Posted by Joe Smith
05/09/2014

reading-writing-and-revolution

To mark World Literacy Day on September 8, I am taking a look at the issue of literacy from a Nicaraguan perspective.

For much of the 35 years since the 1979 Revolution, literacy has been a central concern in Nicaraguan education policy. After four decades of the Somozas’ dictatorship which had seen it as unnecessary for the majority of the population, the Sandinista government set about a mass literacy campaign within months of coming to power.

The literacy brigades of 1980 not only set out to eradicate illiteracy, but also to encourage understanding and political integration at all levels of society. Regardless of what its critics say, it was a major triumph for egalitarianism which had taken a battering under the Somozas.

A national census found that about 50% of the population was illiterate, with figures as high as 75% in rural areas. Tens of thousands of volunteers, many of school-going age, were dispatched to tackle the problem. To be considered literate students had to be able to perform a series of tasks including writing their own name, reading text aloud and writing a sentence dictated to them. Within five months illiteracy figures had officially dropped to below 13% and the programme was branded a success.

But in rural areas cut off from access to basic services, illiteracy remains a major problem today. Ten years of civil war that followed the campaign of 1980, and further years of economic reconstruction evidently took their toll.

Nuevas Esperanzas recently conducted its own literacy test in the community of Agua Fría to gauge how much written material it could use in its training sessions. The test consisted of a reading comprehension aimed at Nicaraguan fourth graders – 9 to 10 year olds.

The results were mixed and, on the whole, varied depending on the number of years spent in education. Many of the older participants had only completed primary school, while the younger ones had done two or three years of secondary, and only one was completing his final year of secondary.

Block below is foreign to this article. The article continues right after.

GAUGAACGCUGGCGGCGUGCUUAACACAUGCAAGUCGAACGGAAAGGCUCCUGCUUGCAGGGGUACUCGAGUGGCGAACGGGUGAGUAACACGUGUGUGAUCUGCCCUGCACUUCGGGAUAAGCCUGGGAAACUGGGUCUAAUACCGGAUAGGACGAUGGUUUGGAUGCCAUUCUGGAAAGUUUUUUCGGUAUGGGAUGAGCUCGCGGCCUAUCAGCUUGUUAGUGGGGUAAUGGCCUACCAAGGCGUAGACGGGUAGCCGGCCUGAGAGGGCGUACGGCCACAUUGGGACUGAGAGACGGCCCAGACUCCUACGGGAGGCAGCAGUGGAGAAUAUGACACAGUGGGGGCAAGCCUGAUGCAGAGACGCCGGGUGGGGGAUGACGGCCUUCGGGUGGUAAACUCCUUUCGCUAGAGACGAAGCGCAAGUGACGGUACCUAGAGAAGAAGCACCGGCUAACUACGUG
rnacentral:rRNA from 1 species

With more recent investment in education it is not uncommon to see primary and secondary school children with higher levels of literacy than their parents and the results reflected this. Older participants with less schooling struggled with most of the test. The younger participants fared better, but their comprehension was still low and they found it hard to understand and explain passages using their own words.

Although education – or access to education – has evidently improved, even those graduating from secondary school did not excel. This may be down to a tradition of rote learning and lack of critical thinking. In rural areas, having a school at all is still a luxury. Until just a few years ago the community of El Caracol did not have a school building and classes were often held outdoors. Nuevas Esperanzas helped build a basic building consisting of a few wood pillars with a zinc roof. But improvements are still needed as this lets in heavy rain in winter, ruining books and halting classes. Desks and materials have to be stored at a neighbouring house overnight.

Girls are further disadvantaged in these areas. Often they are removed from school to help with tasks around the house. And even for those who complete primary education, travelling to secondary school in town is normally out of the question unless a nearby relative is willing to offer lodging.

In 2005 the United Nations Human Development Report found that Nicaragua spent just £32 ($57) per year on education per child under 15 years of age. In the same year the United States spent 178 times as much, and the UK was not far behind. Even neighbouring Costa Rica spent about 13 times more per pupil.

There is little doubt that literacy and education have improved over the last 35 years. But there is still clearly some way to go eradicate illiteracy amongst the most marginalized children, as well as those members of the older generation who fell between the cracks and are still functionally illiterate.

More information about Nicaragua’s literacy campaign can be found here.